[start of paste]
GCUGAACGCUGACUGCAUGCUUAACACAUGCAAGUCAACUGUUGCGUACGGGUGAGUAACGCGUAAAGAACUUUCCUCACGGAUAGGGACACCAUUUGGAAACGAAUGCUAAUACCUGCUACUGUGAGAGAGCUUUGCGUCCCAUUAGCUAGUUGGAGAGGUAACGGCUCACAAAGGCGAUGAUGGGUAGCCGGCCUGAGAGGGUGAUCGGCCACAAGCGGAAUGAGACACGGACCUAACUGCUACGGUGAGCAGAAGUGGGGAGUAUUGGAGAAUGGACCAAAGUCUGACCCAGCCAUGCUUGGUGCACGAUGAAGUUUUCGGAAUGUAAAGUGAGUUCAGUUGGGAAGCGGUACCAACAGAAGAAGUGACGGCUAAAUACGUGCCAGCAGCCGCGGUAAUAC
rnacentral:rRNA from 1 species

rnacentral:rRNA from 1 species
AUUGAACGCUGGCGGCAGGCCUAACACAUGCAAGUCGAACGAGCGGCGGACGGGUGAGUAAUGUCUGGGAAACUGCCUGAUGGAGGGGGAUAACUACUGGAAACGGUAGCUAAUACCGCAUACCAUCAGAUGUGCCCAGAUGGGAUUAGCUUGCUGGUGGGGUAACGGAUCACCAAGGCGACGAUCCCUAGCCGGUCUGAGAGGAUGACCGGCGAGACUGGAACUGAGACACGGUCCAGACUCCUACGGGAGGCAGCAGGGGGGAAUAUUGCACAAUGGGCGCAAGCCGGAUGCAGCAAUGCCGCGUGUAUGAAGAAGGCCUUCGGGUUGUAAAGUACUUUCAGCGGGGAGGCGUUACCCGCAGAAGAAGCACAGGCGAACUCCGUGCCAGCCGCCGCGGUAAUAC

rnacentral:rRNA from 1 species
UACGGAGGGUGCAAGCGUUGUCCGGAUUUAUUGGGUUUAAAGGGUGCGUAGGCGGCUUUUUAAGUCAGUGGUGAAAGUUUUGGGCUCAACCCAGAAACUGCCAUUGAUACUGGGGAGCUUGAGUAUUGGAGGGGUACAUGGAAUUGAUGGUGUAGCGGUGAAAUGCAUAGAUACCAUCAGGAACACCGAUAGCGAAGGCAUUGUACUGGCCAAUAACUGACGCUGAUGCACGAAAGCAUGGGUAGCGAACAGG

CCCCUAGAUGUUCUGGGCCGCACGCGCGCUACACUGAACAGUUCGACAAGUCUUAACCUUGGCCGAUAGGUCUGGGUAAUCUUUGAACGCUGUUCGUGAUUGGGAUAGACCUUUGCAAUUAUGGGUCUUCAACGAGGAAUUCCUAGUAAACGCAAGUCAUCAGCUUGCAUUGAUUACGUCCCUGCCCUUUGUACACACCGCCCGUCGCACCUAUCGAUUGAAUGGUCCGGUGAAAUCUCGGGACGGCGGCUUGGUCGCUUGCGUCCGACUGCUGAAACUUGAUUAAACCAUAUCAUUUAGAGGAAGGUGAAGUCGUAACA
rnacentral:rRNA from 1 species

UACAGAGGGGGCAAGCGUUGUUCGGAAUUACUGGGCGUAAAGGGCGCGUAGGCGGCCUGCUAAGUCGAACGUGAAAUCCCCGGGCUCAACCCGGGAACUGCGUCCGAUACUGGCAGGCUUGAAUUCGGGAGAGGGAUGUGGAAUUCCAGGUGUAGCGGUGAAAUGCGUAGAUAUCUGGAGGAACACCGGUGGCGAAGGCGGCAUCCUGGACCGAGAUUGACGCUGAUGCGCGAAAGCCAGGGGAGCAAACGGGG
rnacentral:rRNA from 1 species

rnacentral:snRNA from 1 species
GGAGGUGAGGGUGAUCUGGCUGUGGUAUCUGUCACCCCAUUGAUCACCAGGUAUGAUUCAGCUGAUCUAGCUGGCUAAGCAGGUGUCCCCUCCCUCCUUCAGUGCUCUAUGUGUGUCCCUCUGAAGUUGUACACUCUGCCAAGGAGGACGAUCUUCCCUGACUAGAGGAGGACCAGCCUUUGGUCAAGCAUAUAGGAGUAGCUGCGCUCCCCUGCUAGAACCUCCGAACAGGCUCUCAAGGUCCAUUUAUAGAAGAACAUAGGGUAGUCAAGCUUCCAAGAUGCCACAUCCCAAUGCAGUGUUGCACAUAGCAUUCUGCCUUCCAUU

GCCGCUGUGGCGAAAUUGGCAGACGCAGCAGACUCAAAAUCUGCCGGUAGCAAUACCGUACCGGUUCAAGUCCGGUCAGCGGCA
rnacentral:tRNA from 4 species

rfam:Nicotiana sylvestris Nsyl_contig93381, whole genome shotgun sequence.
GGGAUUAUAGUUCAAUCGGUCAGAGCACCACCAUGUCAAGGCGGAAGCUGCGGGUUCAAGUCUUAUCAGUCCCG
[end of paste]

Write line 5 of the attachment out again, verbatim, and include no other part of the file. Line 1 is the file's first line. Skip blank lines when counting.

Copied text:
rnacentral:rRNA from 1 species